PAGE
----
My notes from beginning darkroom printing

I’ve recently started learning to print pictures in an actual darkroom. I was a bit concerned that I wasn’t getting the full potential out of film, that I was missing out somewhere. It’s also nice to spend a few hours in a quiet dark room wholly involved in a creative process, and it is creative – the darkroom is where you do your post processing.

It’s slow, or at least I am. In the last session I spent four hours to print three negatives to a point where I was happy with them. At this stage I’m picking things that will challenge me each time – different films and development and lighting conditions – so that I learn, so this will end up being slower than if I was just printing a series of fairly similar shots.

It’s not very expensive though, even if it’s time consuming. I go to a darkroom in a community arts centre (Chats Palace if you’re interested, I can recommend it) and pay a few pounds an hour. The paper isn’t all that expensive. For learning purposes I bought a box of 100 5×7″ sheets of Ilford Multigrade RC Satin – this is a good quality paper that allows for different contrasts, not exhibition quality fibre paper but then you’d not print for an exhibition at 5×7″ anyway unless you were odd. That cost me about £20. At the moment I may use 3-4 sheets to get a print nailed – you need to use paper to test your exposure settings, and they change with each negative – but once you’ve done that you can make as many prints as you like at the same settings.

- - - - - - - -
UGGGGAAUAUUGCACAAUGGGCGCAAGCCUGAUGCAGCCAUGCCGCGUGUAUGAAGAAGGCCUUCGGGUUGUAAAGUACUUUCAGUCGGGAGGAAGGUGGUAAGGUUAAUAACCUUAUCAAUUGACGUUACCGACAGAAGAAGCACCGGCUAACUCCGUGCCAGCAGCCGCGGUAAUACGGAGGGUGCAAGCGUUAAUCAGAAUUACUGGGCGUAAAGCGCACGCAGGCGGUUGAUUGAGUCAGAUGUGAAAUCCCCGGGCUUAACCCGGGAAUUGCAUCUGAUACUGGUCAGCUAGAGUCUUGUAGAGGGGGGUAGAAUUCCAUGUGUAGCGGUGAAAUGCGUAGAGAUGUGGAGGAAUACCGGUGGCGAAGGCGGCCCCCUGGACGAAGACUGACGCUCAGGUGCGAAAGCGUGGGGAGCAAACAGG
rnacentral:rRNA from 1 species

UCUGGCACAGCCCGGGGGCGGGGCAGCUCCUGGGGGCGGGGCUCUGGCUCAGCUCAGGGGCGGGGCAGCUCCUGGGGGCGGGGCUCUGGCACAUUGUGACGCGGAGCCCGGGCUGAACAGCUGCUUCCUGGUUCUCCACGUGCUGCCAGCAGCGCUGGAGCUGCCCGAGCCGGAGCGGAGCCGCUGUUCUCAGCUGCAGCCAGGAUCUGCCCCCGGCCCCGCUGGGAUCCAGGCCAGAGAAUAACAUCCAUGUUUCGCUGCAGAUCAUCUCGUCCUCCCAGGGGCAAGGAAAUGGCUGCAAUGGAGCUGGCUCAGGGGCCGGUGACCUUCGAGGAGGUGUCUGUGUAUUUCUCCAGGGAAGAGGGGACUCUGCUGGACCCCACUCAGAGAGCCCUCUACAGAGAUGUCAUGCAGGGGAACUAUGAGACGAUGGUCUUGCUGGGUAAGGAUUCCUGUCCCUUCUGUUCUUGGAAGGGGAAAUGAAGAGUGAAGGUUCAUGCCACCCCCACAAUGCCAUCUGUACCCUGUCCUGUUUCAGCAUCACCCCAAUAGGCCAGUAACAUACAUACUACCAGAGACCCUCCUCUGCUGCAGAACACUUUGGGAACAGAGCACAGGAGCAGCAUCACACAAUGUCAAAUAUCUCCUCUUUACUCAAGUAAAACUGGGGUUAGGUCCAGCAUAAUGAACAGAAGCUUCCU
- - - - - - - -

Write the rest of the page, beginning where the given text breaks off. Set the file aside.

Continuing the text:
The technology of it is not difficult to learn. Objectively speaking it is far simpler than Photoshop. That doesn’t mean that it is easy to make good prints, but it means it is much quicker to get to the stage where it is your artistic ability and experience that is the deciding factor, rather than you not knowing where a menu is.

You do learn how forgiving film is in terms of exposure, but also how important lens and film quality is, because you can push the physical limits of the medium when printing. When scanning I’ve found that, while sharp film and a good lens does make a difference, it doesn’t make that much difference as you’re limited mostly by the scanner. This isn’t the case with printing, and the larger you print (including enlarging for a crop on smaller paper) the more you notice. Though even with my staple grainy Kentmere 400 it’s still not bad. I’ll probably buy more T-Max though.

And finally, it’s not something that is digitisable. You’ve made something that exists in the physical world. You may be able to put it in a scanner but at best looking at it on a screen will not be the same as seeing the original. I’m not quite sure what to do about this but it’s novel. I feel like making a zine or something.